This layer concerns itself with identifying the device to which we want to send the data to. The devices are any tangible devices found on the physical network such as computers, switches, and routers.
This layer works like an interface between the physical layer and the logical layer above it.
The most commonly used and most famous protocol on this layer is the Ethernet protocol, governed by the IEEE standards.
Ethernet works using concepts called framing and addressing. We will review both.
Ethernet Frames are a Protocol Data Unit (see Networking Models) which encapsulate data from the Internet/Network layer above.
On the physical layer, the data is a stream of bits without logical structure. An Ethernet Frame adds this missing structure to this binary data. The structure defines which bits are data payload and which are metadata (header or trailer/footer).
Ethernet-compliant device can identify the different parts of a frame because each “fields” of data have a specific lengths in bytes, and appear in an order. The frame described below follows the IEEE 802.3 Ethernet standard.
+---------------+----------+--------+------+------+---------+--------+-----+ | | | | | | | | | | Destination | Source | | | | | | | | MAC | MAC | Length | DSAP | SSAP | Control | Data | FCS | | Destination | Source | | | | | | | | | | | | | | | | +---------------+----------+--------+------+------+---------+--------+-----+ ^ ^ ^ ^ ^ ^ | | | | | | \__________________________+____________________________/ \____/ \_/ | | | Frame header Data Payload | | Frame footer/trailer
Note that the fields length are not at scale. Destination, Source and Data are normaly longer than the other field.
Here is a rundown of all the field:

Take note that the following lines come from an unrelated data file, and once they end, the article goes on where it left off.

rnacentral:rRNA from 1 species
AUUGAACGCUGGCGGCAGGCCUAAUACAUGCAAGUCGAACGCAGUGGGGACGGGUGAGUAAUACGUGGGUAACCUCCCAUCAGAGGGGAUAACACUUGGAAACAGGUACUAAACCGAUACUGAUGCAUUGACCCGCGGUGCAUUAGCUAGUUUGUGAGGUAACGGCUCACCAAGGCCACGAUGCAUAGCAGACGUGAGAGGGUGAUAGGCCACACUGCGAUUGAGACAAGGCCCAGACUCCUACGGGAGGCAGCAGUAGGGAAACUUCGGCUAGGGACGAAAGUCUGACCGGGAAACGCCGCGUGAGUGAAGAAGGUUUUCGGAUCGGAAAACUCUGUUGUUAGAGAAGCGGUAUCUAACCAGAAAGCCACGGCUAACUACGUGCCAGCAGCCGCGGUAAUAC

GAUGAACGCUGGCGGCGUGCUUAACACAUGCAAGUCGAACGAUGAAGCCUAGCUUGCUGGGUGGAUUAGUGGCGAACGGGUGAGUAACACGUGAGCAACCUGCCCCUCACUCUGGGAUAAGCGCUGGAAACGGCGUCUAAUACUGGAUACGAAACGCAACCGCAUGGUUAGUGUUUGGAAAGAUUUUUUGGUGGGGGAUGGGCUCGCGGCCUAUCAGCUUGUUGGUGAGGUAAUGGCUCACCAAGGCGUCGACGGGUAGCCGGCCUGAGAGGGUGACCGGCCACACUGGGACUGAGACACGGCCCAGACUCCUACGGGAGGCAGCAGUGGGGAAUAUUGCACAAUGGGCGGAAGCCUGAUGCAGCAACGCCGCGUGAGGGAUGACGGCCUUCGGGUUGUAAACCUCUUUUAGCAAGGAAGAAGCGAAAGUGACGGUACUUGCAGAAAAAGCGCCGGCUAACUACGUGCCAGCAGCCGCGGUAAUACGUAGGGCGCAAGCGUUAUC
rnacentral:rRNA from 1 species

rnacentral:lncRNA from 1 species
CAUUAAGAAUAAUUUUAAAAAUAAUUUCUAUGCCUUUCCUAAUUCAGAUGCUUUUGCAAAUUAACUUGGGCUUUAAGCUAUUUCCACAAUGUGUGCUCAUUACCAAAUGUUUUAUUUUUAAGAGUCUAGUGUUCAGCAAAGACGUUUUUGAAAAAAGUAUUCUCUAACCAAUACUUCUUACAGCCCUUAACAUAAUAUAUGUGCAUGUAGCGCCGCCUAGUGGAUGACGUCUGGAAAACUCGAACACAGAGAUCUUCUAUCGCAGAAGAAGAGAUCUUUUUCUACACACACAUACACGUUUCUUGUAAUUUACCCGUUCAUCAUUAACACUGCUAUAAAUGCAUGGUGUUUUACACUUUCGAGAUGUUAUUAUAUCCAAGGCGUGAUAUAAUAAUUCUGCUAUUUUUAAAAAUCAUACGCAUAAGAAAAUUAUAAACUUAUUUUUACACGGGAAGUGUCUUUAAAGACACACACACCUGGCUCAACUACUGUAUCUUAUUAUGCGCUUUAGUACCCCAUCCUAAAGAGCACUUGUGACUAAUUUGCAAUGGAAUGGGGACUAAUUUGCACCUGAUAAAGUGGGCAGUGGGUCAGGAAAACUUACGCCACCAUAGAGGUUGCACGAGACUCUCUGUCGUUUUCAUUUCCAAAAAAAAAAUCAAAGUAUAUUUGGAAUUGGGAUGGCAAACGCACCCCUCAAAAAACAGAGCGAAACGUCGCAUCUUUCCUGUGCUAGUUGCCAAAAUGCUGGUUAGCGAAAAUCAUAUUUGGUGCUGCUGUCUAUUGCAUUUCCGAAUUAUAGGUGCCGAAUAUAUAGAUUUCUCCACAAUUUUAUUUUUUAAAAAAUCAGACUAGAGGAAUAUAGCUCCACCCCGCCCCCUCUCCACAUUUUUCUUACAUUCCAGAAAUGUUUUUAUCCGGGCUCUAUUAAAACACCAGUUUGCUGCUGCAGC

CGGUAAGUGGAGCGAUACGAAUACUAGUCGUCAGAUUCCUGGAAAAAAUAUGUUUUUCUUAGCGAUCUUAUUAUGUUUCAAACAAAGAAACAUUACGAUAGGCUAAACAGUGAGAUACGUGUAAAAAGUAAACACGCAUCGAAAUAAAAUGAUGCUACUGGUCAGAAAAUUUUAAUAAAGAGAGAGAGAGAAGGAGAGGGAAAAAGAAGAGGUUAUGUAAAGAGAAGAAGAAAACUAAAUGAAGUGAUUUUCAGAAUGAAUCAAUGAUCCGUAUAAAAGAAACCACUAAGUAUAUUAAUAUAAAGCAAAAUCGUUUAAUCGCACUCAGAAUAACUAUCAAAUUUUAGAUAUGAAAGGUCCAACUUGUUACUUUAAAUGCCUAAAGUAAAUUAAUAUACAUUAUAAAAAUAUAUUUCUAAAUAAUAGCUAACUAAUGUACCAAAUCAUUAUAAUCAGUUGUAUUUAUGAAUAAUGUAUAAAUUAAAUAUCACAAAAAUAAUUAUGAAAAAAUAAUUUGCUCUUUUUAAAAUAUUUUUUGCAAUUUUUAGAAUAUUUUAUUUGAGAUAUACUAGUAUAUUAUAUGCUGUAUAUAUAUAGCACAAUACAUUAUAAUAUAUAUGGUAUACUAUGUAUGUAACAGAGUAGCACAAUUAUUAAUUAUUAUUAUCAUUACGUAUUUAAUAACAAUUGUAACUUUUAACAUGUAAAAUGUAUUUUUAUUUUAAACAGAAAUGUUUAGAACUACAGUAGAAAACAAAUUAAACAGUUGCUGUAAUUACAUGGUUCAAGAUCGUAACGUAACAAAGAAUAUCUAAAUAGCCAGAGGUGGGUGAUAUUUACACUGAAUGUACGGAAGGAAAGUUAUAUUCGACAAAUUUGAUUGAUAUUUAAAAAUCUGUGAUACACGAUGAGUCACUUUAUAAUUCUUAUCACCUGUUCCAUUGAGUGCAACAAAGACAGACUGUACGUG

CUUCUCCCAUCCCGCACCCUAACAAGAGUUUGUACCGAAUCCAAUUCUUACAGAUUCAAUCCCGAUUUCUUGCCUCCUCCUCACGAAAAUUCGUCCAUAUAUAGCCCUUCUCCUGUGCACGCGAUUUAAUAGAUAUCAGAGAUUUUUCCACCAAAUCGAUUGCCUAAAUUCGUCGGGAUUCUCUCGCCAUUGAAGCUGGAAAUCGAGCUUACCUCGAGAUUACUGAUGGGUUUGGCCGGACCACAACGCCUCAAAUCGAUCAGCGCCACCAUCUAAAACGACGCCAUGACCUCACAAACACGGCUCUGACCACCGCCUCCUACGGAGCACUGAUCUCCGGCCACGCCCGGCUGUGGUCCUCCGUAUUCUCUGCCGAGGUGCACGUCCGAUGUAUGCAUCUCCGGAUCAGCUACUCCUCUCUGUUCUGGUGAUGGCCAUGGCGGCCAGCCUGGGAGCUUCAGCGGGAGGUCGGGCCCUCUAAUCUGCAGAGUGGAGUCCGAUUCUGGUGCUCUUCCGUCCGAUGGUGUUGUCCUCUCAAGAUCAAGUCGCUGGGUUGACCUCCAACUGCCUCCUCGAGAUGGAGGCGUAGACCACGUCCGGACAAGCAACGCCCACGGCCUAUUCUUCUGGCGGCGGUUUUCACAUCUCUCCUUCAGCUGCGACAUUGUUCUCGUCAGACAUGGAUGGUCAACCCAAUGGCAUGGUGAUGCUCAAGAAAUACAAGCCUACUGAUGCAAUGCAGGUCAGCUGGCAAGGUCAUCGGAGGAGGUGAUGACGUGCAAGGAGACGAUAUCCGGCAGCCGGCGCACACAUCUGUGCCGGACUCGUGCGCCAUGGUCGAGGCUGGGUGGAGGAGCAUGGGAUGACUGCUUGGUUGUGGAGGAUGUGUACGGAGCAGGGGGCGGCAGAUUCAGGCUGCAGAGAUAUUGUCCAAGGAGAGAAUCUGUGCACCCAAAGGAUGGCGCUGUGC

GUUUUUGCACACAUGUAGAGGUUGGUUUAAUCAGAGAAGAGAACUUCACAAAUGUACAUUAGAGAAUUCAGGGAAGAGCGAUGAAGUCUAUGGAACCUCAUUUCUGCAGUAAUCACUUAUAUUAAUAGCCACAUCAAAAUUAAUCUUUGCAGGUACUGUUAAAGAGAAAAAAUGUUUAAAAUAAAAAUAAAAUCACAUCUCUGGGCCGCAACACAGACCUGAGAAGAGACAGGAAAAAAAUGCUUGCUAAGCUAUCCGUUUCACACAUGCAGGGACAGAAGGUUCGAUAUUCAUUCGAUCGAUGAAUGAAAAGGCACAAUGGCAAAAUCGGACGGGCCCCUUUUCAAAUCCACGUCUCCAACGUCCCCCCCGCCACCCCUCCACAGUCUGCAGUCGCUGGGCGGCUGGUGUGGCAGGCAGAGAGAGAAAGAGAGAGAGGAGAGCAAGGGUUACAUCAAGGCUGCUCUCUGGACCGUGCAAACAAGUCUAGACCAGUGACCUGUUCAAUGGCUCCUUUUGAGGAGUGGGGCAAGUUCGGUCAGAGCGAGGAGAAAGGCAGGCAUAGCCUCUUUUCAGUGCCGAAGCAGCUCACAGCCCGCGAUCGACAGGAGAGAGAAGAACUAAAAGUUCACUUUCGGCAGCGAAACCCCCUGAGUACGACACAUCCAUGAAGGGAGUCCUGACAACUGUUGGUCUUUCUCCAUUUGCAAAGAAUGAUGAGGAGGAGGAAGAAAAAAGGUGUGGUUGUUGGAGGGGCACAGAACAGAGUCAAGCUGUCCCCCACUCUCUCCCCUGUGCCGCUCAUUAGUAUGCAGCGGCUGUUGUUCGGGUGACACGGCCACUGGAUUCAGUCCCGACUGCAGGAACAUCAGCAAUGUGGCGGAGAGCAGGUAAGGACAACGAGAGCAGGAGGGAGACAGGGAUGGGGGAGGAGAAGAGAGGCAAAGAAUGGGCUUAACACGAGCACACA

- Preamble and Start of Frame Delimiter (SFD): Not actual part of the frame but sent prior to the frame to let the receiving device to exoect frane comming next.
- Source and Destination MAC address: Six bytes (48 bits) long fields each containing respectively the MAC address of the device that created the frame (can vary depending on where the data travels) and the MAC address of the device the data is ultimately intended. See MAC Addresses.
- Length: Two bytes (16 bits) length to indicate the size of the Data Payload
- DSAP, SSAP, Control: One byte (8 bits) length each, used to identify the Network Protocol used for the Data Payload and additional information about the communication mode for the frame.
- Data Payload: Between 42 and 1497 bytes in length, contains the data for the PDU from the layer above.
- Frame Check Sequence (FCS): The final four bytes (32 bits) is a checksum generated by the device which created the frame. It is used by the receiving end to check if even one bit of the frame data was modified/lost along the way. If the check don’t match, the frame is dropped. Note that Ethernet doesn’t implement a retransmission functionality for dropped frames. This is the responsability of higher level protocols to manage retransmission (if this is even a requirement of the protocol).
- Interframe Gap (IFG): Like the Preamble/SFD, this is not part of the frame. This is a brief pause between each frame transmission to let the receiver prepare for the next frame. The length varies according to the capability of the Ethernet connection but it contributes to the delay (latency, see Physical Network)